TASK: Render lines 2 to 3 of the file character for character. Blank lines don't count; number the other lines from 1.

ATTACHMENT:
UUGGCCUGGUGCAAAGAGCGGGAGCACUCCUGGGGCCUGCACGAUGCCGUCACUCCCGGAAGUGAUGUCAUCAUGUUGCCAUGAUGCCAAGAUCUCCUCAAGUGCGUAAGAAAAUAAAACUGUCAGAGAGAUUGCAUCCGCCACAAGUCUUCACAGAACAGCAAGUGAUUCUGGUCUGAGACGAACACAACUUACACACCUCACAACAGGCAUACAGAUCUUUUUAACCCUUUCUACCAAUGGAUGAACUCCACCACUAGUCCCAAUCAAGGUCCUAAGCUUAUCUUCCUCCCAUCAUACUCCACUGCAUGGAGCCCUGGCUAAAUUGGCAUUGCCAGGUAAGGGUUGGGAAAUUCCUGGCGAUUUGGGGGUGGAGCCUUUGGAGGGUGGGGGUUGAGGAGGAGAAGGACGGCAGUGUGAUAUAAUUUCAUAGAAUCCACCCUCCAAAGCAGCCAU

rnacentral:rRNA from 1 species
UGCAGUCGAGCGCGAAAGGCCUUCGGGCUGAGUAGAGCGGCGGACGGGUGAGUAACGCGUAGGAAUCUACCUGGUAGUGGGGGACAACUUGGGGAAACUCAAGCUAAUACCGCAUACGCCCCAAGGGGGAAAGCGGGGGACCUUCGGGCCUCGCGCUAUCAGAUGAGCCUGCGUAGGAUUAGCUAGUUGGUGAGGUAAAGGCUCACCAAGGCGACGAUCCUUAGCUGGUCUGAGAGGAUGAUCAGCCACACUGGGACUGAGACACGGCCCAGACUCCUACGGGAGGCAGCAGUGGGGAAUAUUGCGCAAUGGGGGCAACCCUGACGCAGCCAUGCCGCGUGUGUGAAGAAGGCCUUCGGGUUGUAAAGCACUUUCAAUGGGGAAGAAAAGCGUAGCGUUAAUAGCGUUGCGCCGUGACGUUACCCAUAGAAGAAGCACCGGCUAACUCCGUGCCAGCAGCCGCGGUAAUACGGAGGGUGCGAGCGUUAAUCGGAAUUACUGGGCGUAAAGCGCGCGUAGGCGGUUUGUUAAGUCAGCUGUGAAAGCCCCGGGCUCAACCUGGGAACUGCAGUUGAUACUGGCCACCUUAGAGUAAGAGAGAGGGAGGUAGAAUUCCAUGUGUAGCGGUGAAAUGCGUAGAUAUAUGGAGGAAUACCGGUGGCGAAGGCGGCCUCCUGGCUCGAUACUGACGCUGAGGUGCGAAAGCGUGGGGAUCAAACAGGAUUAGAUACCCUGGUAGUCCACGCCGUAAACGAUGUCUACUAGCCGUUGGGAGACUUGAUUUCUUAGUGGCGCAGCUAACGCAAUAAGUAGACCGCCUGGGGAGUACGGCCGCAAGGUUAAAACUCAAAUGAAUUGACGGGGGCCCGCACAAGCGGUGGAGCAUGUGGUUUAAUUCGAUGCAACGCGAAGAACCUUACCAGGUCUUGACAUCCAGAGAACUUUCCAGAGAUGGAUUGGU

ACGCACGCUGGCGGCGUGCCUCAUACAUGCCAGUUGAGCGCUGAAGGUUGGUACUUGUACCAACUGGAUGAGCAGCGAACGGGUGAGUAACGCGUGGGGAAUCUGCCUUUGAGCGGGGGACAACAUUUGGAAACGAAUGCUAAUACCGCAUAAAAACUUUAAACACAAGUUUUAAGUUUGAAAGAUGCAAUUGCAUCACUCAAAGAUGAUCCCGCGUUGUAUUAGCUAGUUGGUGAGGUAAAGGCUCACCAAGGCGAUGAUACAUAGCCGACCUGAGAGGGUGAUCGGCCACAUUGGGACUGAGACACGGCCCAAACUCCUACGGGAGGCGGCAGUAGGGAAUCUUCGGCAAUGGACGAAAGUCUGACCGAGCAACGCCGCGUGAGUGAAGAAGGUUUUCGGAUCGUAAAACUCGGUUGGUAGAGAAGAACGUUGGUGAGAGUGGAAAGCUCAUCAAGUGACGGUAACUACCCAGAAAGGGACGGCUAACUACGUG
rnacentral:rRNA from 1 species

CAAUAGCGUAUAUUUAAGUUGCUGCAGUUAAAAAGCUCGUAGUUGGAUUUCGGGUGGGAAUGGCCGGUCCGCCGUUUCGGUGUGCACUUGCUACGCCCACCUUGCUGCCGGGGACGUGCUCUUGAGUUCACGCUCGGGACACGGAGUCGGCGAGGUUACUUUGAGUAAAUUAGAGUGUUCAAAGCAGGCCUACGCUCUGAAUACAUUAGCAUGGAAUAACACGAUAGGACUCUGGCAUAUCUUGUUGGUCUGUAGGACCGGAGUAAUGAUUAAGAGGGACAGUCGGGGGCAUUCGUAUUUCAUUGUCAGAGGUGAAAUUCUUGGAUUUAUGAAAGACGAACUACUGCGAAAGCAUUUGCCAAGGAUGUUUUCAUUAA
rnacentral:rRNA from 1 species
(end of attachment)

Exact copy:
rnacentral:rRNA from 1 species
UGCAGUCGAGCGCGAAAGGCCUUCGGGCUGAGUAGAGCGGCGGACGGGUGAGUAACGCGUAGGAAUCUACCUGGUAGUGGGGGACAACUUGGGGAAACUCAAGCUAAUACCGCAUACGCCCCAAGGGGGAAAGCGGGGGACCUUCGGGCCUCGCGCUAUCAGAUGAGCCUGCGUAGGAUUAGCUAGUUGGUGAGGUAAAGGCUCACCAAGGCGACGAUCCUUAGCUGGUCUGAGAGGAUGAUCAGCCACACUGGGACUGAGACACGGCCCAGACUCCUACGGGAGGCAGCAGUGGGGAAUAUUGCGCAAUGGGGGCAACCCUGACGCAGCCAUGCCGCGUGUGUGAAGAAGGCCUUCGGGUUGUAAAGCACUUUCAAUGGGGAAGAAAAGCGUAGCGUUAAUAGCGUUGCGCCGUGACGUUACCCAUAGAAGAAGCACCGGCUAACUCCGUGCCAGCAGCCGCGGUAAUACGGAGGGUGCGAGCGUUAAUCGGAAUUACUGGGCGUAAAGCGCGCGUAGGCGGUUUGUUAAGUCAGCUGUGAAAGCCCCGGGCUCAACCUGGGAACUGCAGUUGAUACUGGCCACCUUAGAGUAAGAGAGAGGGAGGUAGAAUUCCAUGUGUAGCGGUGAAAUGCGUAGAUAUAUGGAGGAAUACCGGUGGCGAAGGCGGCCUCCUGGCUCGAUACUGACGCUGAGGUGCGAAAGCGUGGGGAUCAAACAGGAUUAGAUACCCUGGUAGUCCACGCCGUAAACGAUGUCUACUAGCCGUUGGGAGACUUGAUUUCUUAGUGGCGCAGCUAACGCAAUAAGUAGACCGCCUGGGGAGUACGGCCGCAAGGUUAAAACUCAAAUGAAUUGACGGGGGCCCGCACAAGCGGUGGAGCAUGUGGUUUAAUUCGAUGCAACGCGAAGAACCUUACCAGGUCUUGACAUCCAGAGAACUUUCCAGAGAUGGAUUGGU